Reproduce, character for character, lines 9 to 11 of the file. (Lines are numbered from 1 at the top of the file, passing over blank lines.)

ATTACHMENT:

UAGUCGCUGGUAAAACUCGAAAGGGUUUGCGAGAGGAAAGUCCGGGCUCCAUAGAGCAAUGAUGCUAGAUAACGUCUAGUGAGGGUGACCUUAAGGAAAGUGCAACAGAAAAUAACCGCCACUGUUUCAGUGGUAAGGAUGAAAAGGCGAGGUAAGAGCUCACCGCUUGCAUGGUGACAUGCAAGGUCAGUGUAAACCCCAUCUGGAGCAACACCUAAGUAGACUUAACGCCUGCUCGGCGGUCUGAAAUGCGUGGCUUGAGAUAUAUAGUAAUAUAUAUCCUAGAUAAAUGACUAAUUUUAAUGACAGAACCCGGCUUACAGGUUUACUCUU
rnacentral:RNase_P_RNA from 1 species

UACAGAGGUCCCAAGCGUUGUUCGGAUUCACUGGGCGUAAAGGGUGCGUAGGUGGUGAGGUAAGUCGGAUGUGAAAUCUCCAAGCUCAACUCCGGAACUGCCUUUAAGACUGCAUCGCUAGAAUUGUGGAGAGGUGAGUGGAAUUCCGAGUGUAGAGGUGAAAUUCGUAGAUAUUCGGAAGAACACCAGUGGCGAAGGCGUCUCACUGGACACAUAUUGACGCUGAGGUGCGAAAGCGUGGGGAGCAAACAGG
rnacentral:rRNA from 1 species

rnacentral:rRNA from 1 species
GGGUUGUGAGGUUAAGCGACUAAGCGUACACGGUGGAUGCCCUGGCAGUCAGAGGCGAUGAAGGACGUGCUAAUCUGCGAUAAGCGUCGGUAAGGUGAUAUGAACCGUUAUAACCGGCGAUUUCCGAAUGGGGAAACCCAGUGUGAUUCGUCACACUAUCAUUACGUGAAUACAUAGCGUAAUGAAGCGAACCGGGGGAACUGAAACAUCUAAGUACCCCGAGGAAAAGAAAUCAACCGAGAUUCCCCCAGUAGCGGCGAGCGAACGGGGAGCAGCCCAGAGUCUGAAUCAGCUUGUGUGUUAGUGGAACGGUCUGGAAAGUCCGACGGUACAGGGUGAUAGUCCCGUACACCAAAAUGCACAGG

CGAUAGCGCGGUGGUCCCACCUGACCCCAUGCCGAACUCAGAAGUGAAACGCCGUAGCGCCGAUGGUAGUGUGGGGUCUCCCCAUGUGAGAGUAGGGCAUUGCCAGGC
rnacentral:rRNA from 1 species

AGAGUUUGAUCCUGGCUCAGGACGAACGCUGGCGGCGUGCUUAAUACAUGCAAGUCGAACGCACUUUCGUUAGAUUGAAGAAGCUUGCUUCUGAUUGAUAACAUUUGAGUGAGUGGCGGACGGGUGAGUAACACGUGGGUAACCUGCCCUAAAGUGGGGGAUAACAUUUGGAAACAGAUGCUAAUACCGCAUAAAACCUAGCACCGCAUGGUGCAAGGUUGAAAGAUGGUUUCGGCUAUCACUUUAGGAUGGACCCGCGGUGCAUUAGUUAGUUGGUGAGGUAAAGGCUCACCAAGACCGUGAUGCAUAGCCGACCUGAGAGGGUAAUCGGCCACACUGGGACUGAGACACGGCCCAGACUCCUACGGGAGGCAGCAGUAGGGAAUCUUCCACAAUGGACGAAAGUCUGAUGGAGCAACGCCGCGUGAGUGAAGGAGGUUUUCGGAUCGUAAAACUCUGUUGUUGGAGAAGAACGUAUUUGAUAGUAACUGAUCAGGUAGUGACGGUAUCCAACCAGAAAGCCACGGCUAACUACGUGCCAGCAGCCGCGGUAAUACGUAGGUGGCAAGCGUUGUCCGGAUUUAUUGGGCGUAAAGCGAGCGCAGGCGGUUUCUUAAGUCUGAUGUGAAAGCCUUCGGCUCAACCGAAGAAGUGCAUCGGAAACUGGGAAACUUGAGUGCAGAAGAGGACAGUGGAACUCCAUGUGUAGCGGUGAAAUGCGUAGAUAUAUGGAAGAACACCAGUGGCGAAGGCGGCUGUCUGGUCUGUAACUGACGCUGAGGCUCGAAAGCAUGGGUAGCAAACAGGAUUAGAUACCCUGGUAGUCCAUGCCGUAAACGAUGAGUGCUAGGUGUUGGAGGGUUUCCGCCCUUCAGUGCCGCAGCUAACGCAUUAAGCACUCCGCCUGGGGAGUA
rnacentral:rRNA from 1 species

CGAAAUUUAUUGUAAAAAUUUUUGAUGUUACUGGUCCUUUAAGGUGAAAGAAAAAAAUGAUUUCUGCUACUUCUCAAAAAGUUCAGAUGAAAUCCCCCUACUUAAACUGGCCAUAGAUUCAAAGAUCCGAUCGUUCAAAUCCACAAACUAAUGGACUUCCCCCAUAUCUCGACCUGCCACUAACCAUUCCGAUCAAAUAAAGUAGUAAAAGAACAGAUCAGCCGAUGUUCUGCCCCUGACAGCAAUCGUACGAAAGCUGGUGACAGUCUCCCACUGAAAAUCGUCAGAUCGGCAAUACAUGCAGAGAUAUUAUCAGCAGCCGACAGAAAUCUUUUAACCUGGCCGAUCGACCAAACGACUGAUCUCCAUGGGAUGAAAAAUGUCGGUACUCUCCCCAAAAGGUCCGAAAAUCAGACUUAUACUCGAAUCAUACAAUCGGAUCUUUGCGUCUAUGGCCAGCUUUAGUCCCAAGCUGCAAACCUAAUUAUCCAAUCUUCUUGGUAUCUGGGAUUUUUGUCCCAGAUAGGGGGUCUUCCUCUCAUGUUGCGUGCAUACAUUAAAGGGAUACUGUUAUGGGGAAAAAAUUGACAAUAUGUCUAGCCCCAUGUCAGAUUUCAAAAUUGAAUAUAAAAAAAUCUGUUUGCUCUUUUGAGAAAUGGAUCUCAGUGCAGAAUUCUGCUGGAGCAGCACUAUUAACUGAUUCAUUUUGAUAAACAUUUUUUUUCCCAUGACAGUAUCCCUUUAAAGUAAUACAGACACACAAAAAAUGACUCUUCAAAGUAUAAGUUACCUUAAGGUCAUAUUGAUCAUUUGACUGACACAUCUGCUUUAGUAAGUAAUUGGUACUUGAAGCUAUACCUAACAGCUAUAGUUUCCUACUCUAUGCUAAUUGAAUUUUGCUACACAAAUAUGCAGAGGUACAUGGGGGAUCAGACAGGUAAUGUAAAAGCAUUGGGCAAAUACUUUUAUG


AGAGUUUGAUCCUGGCUCAGGACGAACGCUGGCGGCGUGCUUAAUACAUGCAAGUCGAACGCACUUUCGUUAGAUUGAAGAAGCUUGCUUCUGAUUGAUAACAUUUGAGUGAGUGGCGGACGGGUGAGUAACACGUGGGUAACCUGCCCUAAAGUGGGGGAUAACAUUUGGAAACAGAUGCUAAUACCGCAUAAAACCUAGCACCGCAUGGUGCAAGGUUGAAAGAUGGUUUCGGCUAUCACUUUAGGAUGGACCCGCGGUGCAUUAGUUAGUUGGUGAGGUAAAGGCUCACCAAGACCGUGAUGCAUAGCCGACCUGAGAGGGUAAUCGGCCACACUGGGACUGAGACACGGCCCAGACUCCUACGGGAGGCAGCAGUAGGGAAUCUUCCACAAUGGACGAAAGUCUGAUGGAGCAACGCCGCGUGAGUGAAGGAGGUUUUCGGAUCGUAAAACUCUGUUGUUGGAGAAGAACGUAUUUGAUAGUAACUGAUCAGGUAGUGACGGUAUCCAACCAGAAAGCCACGGCUAACUACGUGCCAGCAGCCGCGGUAAUACGUAGGUGGCAAGCGUUGUCCGGAUUUAUUGGGCGUAAAGCGAGCGCAGGCGGUUUCUUAAGUCUGAUGUGAAAGCCUUCGGCUCAACCGAAGAAGUGCAUCGGAAACUGGGAAACUUGAGUGCAGAAGAGGACAGUGGAACUCCAUGUGUAGCGGUGAAAUGCGUAGAUAUAUGGAAGAACACCAGUGGCGAAGGCGGCUGUCUGGUCUGUAACUGACGCUGAGGCUCGAAAGCAUGGGUAGCAAACAGGAUUAGAUACCCUGGUAGUCCAUGCCGUAAACGAUGAGUGCUAGGUGUUGGAGGGUUUCCGCCCUUCAGUGCCGCAGCUAACGCAUUAAGCACUCCGCCUGGGGAGUA
rnacentral:rRNA from 1 species

CGAAAUUUAUUGUAAAAAUUUUUGAUGUUACUGGUCCUUUAAGGUGAAAGAAAAAAAUGAUUUCUGCUACUUCUCAAAAAGUUCAGAUGAAAUCCCCCUACUUAAACUGGCCAUAGAUUCAAAGAUCCGAUCGUUCAAAUCCACAAACUAAUGGACUUCCCCCAUAUCUCGACCUGCCACUAACCAUUCCGAUCAAAUAAAGUAGUAAAAGAACAGAUCAGCCGAUGUUCUGCCCCUGACAGCAAUCGUACGAAAGCUGGUGACAGUCUCCCACUGAAAAUCGUCAGAUCGGCAAUACAUGCAGAGAUAUUAUCAGCAGCCGACAGAAAUCUUUUAACCUGGCCGAUCGACCAAACGACUGAUCUCCAUGGGAUGAAAAAUGUCGGUACUCUCCCCAAAAGGUCCGAAAAUCAGACUUAUACUCGAAUCAUACAAUCGGAUCUUUGCGUCUAUGGCCAGCUUUAGUCCCAAGCUGCAAACCUAAUUAUCCAAUCUUCUUGGUAUCUGGGAUUUUUGUCCCAGAUAGGGGGUCUUCCUCUCAUGUUGCGUGCAUACAUUAAAGGGAUACUGUUAUGGGGAAAAAAUUGACAAUAUGUCUAGCCCCAUGUCAGAUUUCAAAAUUGAAUAUAAAAAAAUCUGUUUGCUCUUUUGAGAAAUGGAUCUCAGUGCAGAAUUCUGCUGGAGCAGCACUAUUAACUGAUUCAUUUUGAUAAACAUUUUUUUUCCCAUGACAGUAUCCCUUUAAAGUAAUACAGACACACAAAAAAUGACUCUUCAAAGUAUAAGUUACCUUAAGGUCAUAUUGAUCAUUUGACUGACACAUCUGCUUUAGUAAGUAAUUGGUACUUGAAGCUAUACCUAACAGCUAUAGUUUCCUACUCUAUGCUAAUUGAAUUUUGCUACACAAAUAUGCAGAGGUACAUGGGGGAUCAGACAGGUAAUGUAAAAGCAUUGGGCAAAUACUUUUAUG